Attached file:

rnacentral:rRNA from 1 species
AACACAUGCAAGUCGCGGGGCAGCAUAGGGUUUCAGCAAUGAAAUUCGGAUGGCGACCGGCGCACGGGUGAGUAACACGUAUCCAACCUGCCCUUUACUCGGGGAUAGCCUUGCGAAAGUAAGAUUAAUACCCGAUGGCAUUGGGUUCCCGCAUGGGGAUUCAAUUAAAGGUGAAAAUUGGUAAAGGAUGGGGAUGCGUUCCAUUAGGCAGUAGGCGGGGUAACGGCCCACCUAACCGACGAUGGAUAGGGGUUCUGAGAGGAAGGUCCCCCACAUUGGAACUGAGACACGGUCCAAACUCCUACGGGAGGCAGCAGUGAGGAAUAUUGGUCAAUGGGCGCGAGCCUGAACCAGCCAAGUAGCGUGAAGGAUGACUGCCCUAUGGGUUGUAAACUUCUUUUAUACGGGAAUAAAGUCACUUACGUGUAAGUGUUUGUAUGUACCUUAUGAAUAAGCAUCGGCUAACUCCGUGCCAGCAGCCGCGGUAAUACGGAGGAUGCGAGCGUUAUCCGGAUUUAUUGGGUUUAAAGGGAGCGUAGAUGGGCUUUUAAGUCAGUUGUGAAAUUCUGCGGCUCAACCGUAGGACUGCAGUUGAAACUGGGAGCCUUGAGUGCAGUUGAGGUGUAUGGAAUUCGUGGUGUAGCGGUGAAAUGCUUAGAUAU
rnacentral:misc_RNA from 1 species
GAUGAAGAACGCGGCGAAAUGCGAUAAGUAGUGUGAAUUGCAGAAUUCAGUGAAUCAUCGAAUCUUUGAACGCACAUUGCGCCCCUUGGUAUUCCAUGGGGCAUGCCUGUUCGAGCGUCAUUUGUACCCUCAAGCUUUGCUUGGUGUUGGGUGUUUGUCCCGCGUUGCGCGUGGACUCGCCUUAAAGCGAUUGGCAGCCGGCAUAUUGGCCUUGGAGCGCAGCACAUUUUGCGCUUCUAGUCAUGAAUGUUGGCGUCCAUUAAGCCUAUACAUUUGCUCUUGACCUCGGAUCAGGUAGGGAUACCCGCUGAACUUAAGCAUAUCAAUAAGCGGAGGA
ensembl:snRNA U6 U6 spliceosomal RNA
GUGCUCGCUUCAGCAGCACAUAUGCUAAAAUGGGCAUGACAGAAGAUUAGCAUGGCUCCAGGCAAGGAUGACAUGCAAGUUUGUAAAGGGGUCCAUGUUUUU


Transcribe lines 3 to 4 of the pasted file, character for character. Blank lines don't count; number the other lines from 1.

rnacentral:misc_RNA from 1 species
GAUGAAGAACGCGGCGAAAUGCGAUAAGUAGUGUGAAUUGCAGAAUUCAGUGAAUCAUCGAAUCUUUGAACGCACAUUGCGCCCCUUGGUAUUCCAUGGGGCAUGCCUGUUCGAGCGUCAUUUGUACCCUCAAGCUUUGCUUGGUGUUGGGUGUUUGUCCCGCGUUGCGCGUGGACUCGCCUUAAAGCGAUUGGCAGCCGGCAUAUUGGCCUUGGAGCGCAGCACAUUUUGCGCUUCUAGUCAUGAAUGUUGGCGUCCAUUAAGCCUAUACAUUUGCUCUUGACCUCGGAUCAGGUAGGGAUACCCGCUGAACUUAAGCAUAUCAAUAAGCGGAGGA